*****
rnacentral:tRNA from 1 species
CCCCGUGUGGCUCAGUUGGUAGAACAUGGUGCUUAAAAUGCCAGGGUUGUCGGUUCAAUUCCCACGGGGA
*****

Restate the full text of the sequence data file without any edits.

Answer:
rnacentral:tRNA from 1 species
CCCCGUGUGGCUCAGUUGGUAGAACAUGGUGCUUAAAAUGCCAGGGUUGUCGGUUCAAUUCCCACGGGGA